Buying off-grid land -vs- full-time nomad?

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Buying off-grid land -vs- full-time nomad?

Postby Tortoise » Mon Jan 04, 2016 12:22 am

What are the pros/cons of each? I've been researching BLM land, where people can boondock for (free?) 2 week installments before moving locations. Instead of property taxes, the costs consist of using more fuel. If I'm going to have a vehicle anyway, I can't really avoid vehicle registration, insurance, vehicle maintenance, etc.

Buying a piece of land would allow one to improve the land, build permanent fixtures, and possibly have a mailbox.

Would travelling north during the summer and south during the summer (snowbirding) cost less than trying to heat/cool a fixed location? I guess that depends, huh?

I'm trying to figure out which path to take right now. Buy an acre somewhere and try to "homestead" it, or just drift around and find new places to park all the time.

I guess the whole point of building a trailer is its mobility, so buying land would cancel that out. Although there'd be less wear and tear on the trailer if it just sat in one spot.

What are your opinions about which is better for a single guy just trying to survive? What would cost less, provide more comforts, etc? Just curious what the internet thinks about it all, thanks.
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Re: Buying off-grid land -vs- full-time nomad?

Postby rowerwet » Thu Jan 07, 2016 6:04 pm

An acre gives you a home base. You can still wander as you like.
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Re: Buying off-grid land -vs- full-time nomad?

Postby VijayGupta » Thu Jan 07, 2016 6:19 pm

You need to read the saga of "Bob's Caboose" before you plunk down money on land.
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Re: Buying off-grid land -vs- full-time nomad?

Postby Tortoise » Thu Jan 07, 2016 6:33 pm

After doing some more research, I've realized that there is no freedom owning "your own land". The powers that be dictate what you can do, how large your abode must be, and all kinds of other red tape. I've heard stories of people losing "their" land because they're weren't part of the grid. How eminent domain can build highways through "your" land and you lose. I've since given up on the dream, since it was a farce. Taxes increase as you improve the land with electric or water as well. Infinite yearly taxes.

The deed is a piece of paper that allows one to use the government's land, forever paying for that privilege. Permits for this and that, so the county can profit. Inspections are an invasion of your privacy, etc. It's quite sad, really. They ceased issuing permits, even though they say you can camp on your land for more than 14 days with a permit. Places just stopped issuing these permits, and the "landowners" are helpless and homeless. Here's just one example of people threatened to be arrested for TRESSPASSSING ON THEIR OWN LAND:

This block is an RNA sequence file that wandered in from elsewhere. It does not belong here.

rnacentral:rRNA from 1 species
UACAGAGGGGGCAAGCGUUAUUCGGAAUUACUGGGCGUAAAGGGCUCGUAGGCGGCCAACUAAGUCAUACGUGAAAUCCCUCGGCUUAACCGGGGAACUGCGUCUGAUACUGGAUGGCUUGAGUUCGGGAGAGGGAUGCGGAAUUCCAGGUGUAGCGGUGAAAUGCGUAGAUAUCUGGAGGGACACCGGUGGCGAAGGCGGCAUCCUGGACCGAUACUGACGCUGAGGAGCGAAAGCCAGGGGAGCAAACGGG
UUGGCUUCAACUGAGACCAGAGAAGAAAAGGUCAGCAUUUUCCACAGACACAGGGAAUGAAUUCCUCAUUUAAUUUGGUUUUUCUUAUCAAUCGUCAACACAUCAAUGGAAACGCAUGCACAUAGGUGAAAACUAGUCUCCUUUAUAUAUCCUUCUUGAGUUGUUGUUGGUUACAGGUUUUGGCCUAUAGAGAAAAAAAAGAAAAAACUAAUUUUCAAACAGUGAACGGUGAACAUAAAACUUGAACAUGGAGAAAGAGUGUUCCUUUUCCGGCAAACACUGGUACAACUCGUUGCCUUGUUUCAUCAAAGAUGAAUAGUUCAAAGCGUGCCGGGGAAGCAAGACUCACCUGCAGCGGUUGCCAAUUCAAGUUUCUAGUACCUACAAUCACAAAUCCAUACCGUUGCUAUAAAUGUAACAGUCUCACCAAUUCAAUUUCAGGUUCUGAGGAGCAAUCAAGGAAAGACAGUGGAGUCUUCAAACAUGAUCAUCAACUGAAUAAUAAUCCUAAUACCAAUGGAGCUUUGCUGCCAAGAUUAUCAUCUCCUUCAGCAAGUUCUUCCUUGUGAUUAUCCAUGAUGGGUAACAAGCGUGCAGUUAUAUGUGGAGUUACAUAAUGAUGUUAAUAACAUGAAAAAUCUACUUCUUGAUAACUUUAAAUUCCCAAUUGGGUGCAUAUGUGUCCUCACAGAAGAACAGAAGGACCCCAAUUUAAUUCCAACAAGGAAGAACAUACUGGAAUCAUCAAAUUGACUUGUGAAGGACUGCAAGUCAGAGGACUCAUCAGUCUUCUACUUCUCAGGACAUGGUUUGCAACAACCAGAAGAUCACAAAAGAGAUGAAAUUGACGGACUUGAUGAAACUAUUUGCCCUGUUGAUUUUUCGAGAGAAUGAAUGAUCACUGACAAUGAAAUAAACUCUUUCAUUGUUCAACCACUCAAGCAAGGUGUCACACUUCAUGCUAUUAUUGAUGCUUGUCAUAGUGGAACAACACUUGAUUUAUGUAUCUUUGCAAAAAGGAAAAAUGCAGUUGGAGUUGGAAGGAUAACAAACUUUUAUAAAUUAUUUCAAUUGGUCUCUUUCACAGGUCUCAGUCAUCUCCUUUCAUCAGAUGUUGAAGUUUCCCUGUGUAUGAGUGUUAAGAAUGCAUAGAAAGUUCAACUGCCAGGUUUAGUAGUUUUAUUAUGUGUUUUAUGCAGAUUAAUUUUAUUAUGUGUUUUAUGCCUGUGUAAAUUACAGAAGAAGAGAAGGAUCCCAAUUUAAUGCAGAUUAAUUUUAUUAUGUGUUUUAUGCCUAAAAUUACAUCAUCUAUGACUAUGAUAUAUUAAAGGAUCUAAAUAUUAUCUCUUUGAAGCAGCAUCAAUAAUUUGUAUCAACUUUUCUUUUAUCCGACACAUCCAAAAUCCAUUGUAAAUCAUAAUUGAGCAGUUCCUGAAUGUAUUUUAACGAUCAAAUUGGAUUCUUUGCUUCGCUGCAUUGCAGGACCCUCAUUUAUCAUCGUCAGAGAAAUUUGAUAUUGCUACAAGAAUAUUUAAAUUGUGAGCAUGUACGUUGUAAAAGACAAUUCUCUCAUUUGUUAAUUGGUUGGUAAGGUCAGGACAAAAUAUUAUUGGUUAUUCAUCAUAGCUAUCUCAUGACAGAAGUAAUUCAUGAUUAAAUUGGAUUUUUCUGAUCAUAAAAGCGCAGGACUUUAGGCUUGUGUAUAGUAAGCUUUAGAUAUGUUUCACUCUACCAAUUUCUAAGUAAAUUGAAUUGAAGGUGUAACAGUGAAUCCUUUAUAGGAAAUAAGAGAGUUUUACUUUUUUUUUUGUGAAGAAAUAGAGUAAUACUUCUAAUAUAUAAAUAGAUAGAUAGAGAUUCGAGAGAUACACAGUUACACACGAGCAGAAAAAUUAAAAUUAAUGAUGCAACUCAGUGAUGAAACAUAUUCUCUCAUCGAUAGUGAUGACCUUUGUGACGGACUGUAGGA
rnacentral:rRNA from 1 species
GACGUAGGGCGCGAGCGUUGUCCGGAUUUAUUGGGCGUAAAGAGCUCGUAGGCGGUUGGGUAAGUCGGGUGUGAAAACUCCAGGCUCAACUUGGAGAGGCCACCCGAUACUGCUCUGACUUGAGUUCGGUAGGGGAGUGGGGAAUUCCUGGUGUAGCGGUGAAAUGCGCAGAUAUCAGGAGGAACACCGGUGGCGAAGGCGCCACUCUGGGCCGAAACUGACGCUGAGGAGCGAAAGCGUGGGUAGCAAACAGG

https://www.youtube.com/watch?v=7xL5i3iJpKk


TONS of more examples of this atrocity on youtube and google. I wonder if maybe there'd be more freedom in Mexico, but I think I'll just roam around and do the nomad thing at this point.
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Re: Buying off-grid land -vs- full-time nomad?

Postby Tortoise » Thu Jan 07, 2016 6:51 pm

VijayGupta wrote:You need to read the saga of "Bob's Caboose" before you plunk down money on land.


I found a 69-page thread I'm assuming is what you're referring to, but I'm not sure what part of it I should focus on: http://www.tnttt.com/viewtopic.php?f=48&t=47804&start=1020

Maybe you could offer a hint, or summary of what you're wanting me to read? Thanks.
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Re: Buying off-grid land -vs- full-time nomad?

Postby MtnDon » Thu Jan 07, 2016 7:11 pm

Buying off-grid land -vs- full-time nomad?


Why does it have to be one or the other?

A combination is best for myself and my wife.

1. A place in the suburbs, close enough to a medium large city to have the enjoyable city "things" available to us, but far enough away that the downsides do not bother us (much).
2. A place in the nearby mountains, off grid, where we can enjoy the outdoors on a piece of land somewhat remote of immediate neighbors.
3. A 4x4 and small trailer (CTC) so we can go see new places and revisit old favorites when we desire.

I have hobbies I enjoy that would be difficult to impossible to pursue without having a home base to call home. YMMV.


No lifestyle is free of some sort of rules. IMO. Constant moving means the potential for running afoul of constantly changing rules. Being a 30+ year owner in the same place has allowed us to partake in the rule making and governmental process.
Our 6x12 deep vee nose cargo trailer camper conversion... viewtopic.php?f=42&t=58336

We have a small off grid cabin we built ourselves in the NM mountains; small PV solar system; 624 watts PV, Outback CC & inverter/charger ... http://countryplans.com/smf/index.php?topic=2335.0
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Re: Buying off-grid land -vs- full-time nomad?

Postby lrrowe » Thu Jan 07, 2016 7:24 pm

MtnDon wrote:
Buying off-grid land -vs- full-time nomad?


Why does it have to be one or the other?

A combination is best for myself and my wife.

1. A place in the suburbs, close enough to a medium large city to have the enjoyable city "things" available to us, but far enough away that the downsides do not bother us (much).
2. A place in the mountains, off grid, where we can enjoy the outdoors on a piece of land somewhat remote of immediate neighbors.
3. A 4x4 and small trailer (CTC) so we can go see new places and revisit old favorites when we desire.

I have hobbies I enjoy that would be difficult to impossible to pursue without having a home base to call home. YMMV.


No lifestyle is free of some sort of rules. IMO. Constant moving means the potential for running afoul of constantly changing rules.


I like this combination and can see the balance you are achieving. I only wish I had considered that approach years ago. It is too late in my life to do it, so my CT project will give me some feeling for it.

BTW, what is YMMV?
Bob

First Post on Purchase of Trailer: http://www.tnttt.com/viewtopic.php?f=42&t=60722
Hot water infloor and radiator heating project:[url]http://www.tnttt.com/posting.php?mode=reply&f=54&t=62327[/